Monday, February 9, 2015

The Faceless Enemy by the Numbers

The  sequel to Dreamwielder has 
more action, more airships, and 
more of Makarria kicking ass!
(Dreamwielder art 
courtesy of Patrick Williams)
(Update: After a bit of debate, my publisher, agent, and I decided to change the name of The Faceless Enemy to Souldrifter, so as to better tie-in to the first novel, Dreamwielder. 3/23/15)

My new fantasy novel, The Faceless Enemy, is done and sent off to my publisher! As you might expect, it feels good to be done, and I'm excited for the book to get into the hands of readers. In the interim, though, here's some details on how the book came about for those of you who are interested in the writing process or just like to break things down by the numbers.

15 MONTHS. From start to finish—planning, writing, and revising—the book took me fifteen months to complete. I started the book during NaNoWriMo in November of 2013 and sent the final draft to my editors at Diversion Books here in February 2015. Considering it took me thirty-nine months to get through the same process with the first book in the series, Dreamwielder, fifteen months is pretty good. Considering also that I got engaged, married, and moved during 2014, and fifteen months really ain't bad!

97,200 WORDS. The final draft I sent to my publisher weighs in at a respectable 97K words, which is 4K words longer than Dreamwielder. The first draft of The Faceless Enemy was only 92K words, but was light on setting description, background exposition, and secondary character viewpoint. Fleshing those aspects out during the revision process accounted for the 5K boost.

4 PARTS. With Dreamwielder, I closely followed the 3 Act, 8 Sequence structure used for film scripts, but with The Faceless Enemy I instead loosely followed the 4 part structure Michael Moorcock prescribed in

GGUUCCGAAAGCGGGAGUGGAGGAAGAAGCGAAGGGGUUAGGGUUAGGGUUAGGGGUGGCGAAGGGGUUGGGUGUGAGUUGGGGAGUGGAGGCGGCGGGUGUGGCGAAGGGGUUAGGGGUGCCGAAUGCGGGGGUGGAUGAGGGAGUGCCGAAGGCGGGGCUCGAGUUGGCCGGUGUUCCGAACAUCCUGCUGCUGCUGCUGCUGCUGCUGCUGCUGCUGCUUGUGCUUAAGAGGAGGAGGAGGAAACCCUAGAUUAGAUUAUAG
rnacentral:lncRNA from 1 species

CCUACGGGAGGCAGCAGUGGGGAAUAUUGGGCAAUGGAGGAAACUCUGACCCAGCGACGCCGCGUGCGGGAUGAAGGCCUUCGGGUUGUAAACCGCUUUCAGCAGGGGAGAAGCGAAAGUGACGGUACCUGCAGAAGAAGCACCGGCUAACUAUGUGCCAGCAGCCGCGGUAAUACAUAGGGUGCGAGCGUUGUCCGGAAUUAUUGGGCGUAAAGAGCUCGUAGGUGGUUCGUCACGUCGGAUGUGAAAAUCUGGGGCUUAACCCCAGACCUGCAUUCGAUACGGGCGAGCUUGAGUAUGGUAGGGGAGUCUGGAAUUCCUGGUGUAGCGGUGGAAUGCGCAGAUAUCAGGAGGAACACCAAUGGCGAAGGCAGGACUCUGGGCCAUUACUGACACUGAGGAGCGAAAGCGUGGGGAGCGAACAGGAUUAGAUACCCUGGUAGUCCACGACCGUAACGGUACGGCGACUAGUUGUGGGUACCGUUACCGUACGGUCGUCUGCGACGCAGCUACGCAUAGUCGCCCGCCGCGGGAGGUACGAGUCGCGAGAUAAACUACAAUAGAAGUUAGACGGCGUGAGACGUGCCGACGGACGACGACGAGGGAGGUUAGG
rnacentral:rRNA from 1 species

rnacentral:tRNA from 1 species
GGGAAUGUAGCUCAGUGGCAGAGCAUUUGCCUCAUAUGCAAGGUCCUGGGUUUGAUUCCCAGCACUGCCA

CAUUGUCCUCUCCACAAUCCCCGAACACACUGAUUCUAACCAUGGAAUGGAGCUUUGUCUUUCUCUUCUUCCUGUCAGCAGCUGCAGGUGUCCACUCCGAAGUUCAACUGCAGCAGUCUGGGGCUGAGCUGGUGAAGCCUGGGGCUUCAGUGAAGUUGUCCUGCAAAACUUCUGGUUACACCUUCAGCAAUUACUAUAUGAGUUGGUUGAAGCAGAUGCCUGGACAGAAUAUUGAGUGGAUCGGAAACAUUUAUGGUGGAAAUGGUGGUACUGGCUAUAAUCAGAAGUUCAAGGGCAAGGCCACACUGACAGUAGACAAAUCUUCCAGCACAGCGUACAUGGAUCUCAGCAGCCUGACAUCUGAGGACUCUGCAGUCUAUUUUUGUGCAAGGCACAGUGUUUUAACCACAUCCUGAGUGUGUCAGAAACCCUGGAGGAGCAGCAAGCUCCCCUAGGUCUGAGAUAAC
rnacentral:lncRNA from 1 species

a crazy interview where talks about how he was able to write a novel in three days. Obviously, I failed at the whole three days part, but the structure did give me a lot of creative leeway and resulted in an action-packed story that is even more fast paced than Dreamwielder.

1 PAGE. With Dreamwielder, I meticulously outlined the story before writing and had pages and pages of notes on everything from character analyses to the history of the Five Kingdoms. With The Faceless Enemy, though, I started with a single page of rough notes that was comprised of maybe a dozen bullet points laying out major plot turns—that's it. I was able to dive in with less prep-work because a) I had already laid the groundwork with Dreamwielder, and b) I'm a much more confident writer than I was seven years ago when I started Dreamwielder. (I still can't believe it was seven years ago!)

8 READERS. I had eight volunteer readers who went through the first draft of The Faceless Enemy and gave me invaluable feedback, and I'd like to thank them all. Without their insights, the novel would be an anemic version of what it is today. So thank you, Liz Kracht, Eric Tryon, Ahimsa Kerp, Juniper Nichols, Mandy Burke, Shirley Phillips, Linda Cogburn, and John Meinz!

I'll have some updates on the novel once I get the production schedule from my publisher. Keep in touch with me on my Facebook page for the most up to date news. Until then, cheers!

-Garrett Calcaterra


  1. Thanks for breaking down your process, and including me in it!